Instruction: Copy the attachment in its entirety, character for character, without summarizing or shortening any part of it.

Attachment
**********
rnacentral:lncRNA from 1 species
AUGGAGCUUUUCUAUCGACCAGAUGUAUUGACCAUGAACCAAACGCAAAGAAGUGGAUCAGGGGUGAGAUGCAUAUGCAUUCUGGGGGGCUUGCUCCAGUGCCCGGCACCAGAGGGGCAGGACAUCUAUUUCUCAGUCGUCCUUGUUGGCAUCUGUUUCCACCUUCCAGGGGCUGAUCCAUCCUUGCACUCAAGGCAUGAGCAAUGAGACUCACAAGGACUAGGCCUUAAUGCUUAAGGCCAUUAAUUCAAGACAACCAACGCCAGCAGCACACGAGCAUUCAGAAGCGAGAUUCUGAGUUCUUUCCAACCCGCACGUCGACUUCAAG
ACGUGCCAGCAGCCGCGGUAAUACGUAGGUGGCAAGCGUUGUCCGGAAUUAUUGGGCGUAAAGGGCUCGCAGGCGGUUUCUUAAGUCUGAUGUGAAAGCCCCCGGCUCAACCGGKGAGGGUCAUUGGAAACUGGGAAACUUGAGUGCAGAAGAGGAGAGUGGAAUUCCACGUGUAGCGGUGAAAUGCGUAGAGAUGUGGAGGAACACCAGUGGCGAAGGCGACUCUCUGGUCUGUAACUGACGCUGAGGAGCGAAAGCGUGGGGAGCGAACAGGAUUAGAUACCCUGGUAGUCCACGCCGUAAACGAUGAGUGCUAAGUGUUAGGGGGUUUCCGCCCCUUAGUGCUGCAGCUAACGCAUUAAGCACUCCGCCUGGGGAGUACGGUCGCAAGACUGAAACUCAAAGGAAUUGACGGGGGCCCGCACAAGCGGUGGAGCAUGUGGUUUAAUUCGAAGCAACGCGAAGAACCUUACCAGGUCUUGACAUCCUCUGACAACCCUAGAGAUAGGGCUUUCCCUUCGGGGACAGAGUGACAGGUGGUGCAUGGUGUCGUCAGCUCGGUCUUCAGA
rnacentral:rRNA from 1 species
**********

rnacentral:lncRNA from 1 species
AUGGAGCUUUUCUAUCGACCAGAUGUAUUGACCAUGAACCAAACGCAAAGAAGUGGAUCAGGGGUGAGAUGCAUAUGCAUUCUGGGGGGCUUGCUCCAGUGCCCGGCACCAGAGGGGCAGGACAUCUAUUUCUCAGUCGUCCUUGUUGGCAUCUGUUUCCACCUUCCAGGGGCUGAUCCAUCCUUGCACUCAAGGCAUGAGCAAUGAGACUCACAAGGACUAGGCCUUAAUGCUUAAGGCCAUUAAUUCAAGACAACCAACGCCAGCAGCACACGAGCAUUCAGAAGCGAGAUUCUGAGUUCUUUCCAACCCGCACGUCGACUUCAAG
ACGUGCCAGCAGCCGCGGUAAUACGUAGGUGGCAAGCGUUGUCCGGAAUUAUUGGGCGUAAAGGGCUCGCAGGCGGUUUCUUAAGUCUGAUGUGAAAGCCCCCGGCUCAACCGGKGAGGGUCAUUGGAAACUGGGAAACUUGAGUGCAGAAGAGGAGAGUGGAAUUCCACGUGUAGCGGUGAAAUGCGUAGAGAUGUGGAGGAACACCAGUGGCGAAGGCGACUCUCUGGUCUGUAACUGACGCUGAGGAGCGAAAGCGUGGGGAGCGAACAGGAUUAGAUACCCUGGUAGUCCACGCCGUAAACGAUGAGUGCUAAGUGUUAGGGGGUUUCCGCCCCUUAGUGCUGCAGCUAACGCAUUAAGCACUCCGCCUGGGGAGUACGGUCGCAAGACUGAAACUCAAAGGAAUUGACGGGGGCCCGCACAAGCGGUGGAGCAUGUGGUUUAAUUCGAAGCAACGCGAAGAACCUUACCAGGUCUUGACAUCCUCUGACAACCCUAGAGAUAGGGCUUUCCCUUCGGGGACAGAGUGACAGGUGGUGCAUGGUGUCGUCAGCUCGGUCUUCAGA
rnacentral:rRNA from 1 species